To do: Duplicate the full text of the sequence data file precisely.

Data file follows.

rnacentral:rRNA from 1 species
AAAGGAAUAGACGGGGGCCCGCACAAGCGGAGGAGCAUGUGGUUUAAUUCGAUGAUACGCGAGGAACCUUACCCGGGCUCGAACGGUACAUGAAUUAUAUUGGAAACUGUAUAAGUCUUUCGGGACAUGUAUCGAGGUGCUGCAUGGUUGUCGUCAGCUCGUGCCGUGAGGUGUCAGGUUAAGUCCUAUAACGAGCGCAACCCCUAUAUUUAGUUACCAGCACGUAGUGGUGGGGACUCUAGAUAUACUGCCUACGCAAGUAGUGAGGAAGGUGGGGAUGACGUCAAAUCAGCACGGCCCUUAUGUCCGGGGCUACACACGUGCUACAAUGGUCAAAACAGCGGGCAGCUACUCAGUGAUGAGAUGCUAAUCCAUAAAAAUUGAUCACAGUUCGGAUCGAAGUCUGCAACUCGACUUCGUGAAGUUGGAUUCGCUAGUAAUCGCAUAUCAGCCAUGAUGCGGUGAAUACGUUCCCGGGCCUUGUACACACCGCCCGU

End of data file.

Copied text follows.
rnacentral:rRNA from 1 species
AAAGGAAUAGACGGGGGCCCGCACAAGCGGAGGAGCAUGUGGUUUAAUUCGAUGAUACGCGAGGAACCUUACCCGGGCUCGAACGGUACAUGAAUUAUAUUGGAAACUGUAUAAGUCUUUCGGGACAUGUAUCGAGGUGCUGCAUGGUUGUCGUCAGCUCGUGCCGUGAGGUGUCAGGUUAAGUCCUAUAACGAGCGCAACCCCUAUAUUUAGUUACCAGCACGUAGUGGUGGGGACUCUAGAUAUACUGCCUACGCAAGUAGUGAGGAAGGUGGGGAUGACGUCAAAUCAGCACGGCCCUUAUGUCCGGGGCUACACACGUGCUACAAUGGUCAAAACAGCGGGCAGCUACUCAGUGAUGAGAUGCUAAUCCAUAAAAAUUGAUCACAGUUCGGAUCGAAGUCUGCAACUCGACUUCGUGAAGUUGGAUUCGCUAGUAAUCGCAUAUCAGCCAUGAUGCGGUGAAUACGUUCCCGGGCCUUGUACACACCGCCCGU